What Can The Police Charge Me With?

A person who has been stopped by the police may be ticketed for a “civil infraction,” may be ticketed or arrested for a “petty offense” or “misdemeanor,” or may be arrested for a “felony,” or may be released. It is possible for the person to later be charged, when the police complete their investigation.

Sometimes, the person will be informed that charges have been filed, and will be asked to present himself at the police station by a particular date and time.

At other times, a “warrant” for the person’s arrest may be entered into the state’s computer system, informing police officers to arrest the person if they find him. If the charges are serious, the police may go out to arrest the person.

Civil Infractions

A “civil infraction” is not a crime, although it is a charge filed by the state. The state has to prove that you committed a civil infraction by a “preponderance of the evidence,” which is to say; that it is more likely than not that you committed the violation. This is a much lower standard than the “proof beyond a reasonable doubt” standard that applies in civil cases. The typical civil infraction is decided by a judge or magistrate, without a jury, in what is typically a short proceeding.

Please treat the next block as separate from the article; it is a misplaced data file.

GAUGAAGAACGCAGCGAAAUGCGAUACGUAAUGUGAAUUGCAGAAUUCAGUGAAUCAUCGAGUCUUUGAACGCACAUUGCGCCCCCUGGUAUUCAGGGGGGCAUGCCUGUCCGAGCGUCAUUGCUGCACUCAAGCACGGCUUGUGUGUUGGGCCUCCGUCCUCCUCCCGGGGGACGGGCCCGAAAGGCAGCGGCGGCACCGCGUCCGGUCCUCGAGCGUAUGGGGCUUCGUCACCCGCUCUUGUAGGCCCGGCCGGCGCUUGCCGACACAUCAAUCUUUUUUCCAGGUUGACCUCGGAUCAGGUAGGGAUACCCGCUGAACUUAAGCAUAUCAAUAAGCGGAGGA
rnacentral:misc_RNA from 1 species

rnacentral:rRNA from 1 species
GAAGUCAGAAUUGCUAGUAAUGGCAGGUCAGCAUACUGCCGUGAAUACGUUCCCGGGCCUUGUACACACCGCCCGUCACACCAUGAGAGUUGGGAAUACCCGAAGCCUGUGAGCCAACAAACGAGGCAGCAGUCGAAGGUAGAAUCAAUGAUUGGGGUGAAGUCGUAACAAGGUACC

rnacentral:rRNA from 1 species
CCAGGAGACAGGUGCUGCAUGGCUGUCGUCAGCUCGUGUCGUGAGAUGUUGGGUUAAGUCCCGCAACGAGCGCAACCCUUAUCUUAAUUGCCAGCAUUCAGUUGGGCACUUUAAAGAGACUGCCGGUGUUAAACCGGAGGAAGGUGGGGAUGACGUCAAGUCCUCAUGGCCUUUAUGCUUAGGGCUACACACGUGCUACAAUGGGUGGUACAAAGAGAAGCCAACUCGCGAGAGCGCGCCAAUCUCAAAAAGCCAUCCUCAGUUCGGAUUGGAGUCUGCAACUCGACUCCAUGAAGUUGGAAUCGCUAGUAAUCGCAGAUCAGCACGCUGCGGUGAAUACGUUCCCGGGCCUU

Petty Offenses

Some states have a class of “petty offenses,” where the defendant may be tried without a jury before a judge or magistrate. Typically, the only punishment for a “petty offense” is a fine. However, these offenses may be of a criminal nature. If you are not sure whether you are charged with a criminal offense or a civil infraction, consult a lawyer.

Misdemeanors

A “misdemeanor” is a criminal offense, and conviction ordinarily results in a criminal record. Misdemeanors are technically less serious offenses, although the consequences of conviction can nonetheless be quite severe. Possible punishments for misdemeanors include imprisonment, probation, fines, and at times driver’s license sanctions. Some misdemeanors are classified as “sex crimes” and require that a convicted person be registered as a “sex offender”, and keep the police informed of his place of residence — a requirement that may continue for life.

Felonies

Felonies are the most serious offenses that can be charged. Sometimes, the distinction between “felonies” and “misdemeanors” seems arbitrary. However, all of the most serious criminal offenses (such as murder, sexual assault, embezzlement, burglary, robbery, arson, and treason) are felonies.

If you or someone in your family has been arrested, you probably aren’t sure where to turn or what to do next. While the arrest itself is a daunting situation, you can do several things right away to gain information and control. A positive first step is to contact the Charles Johnson Law Firm.  Attorney Johnson will guide you through the complicated maze of the justice system.

Leave a comment

Call Now 24/7/365 Scroll to top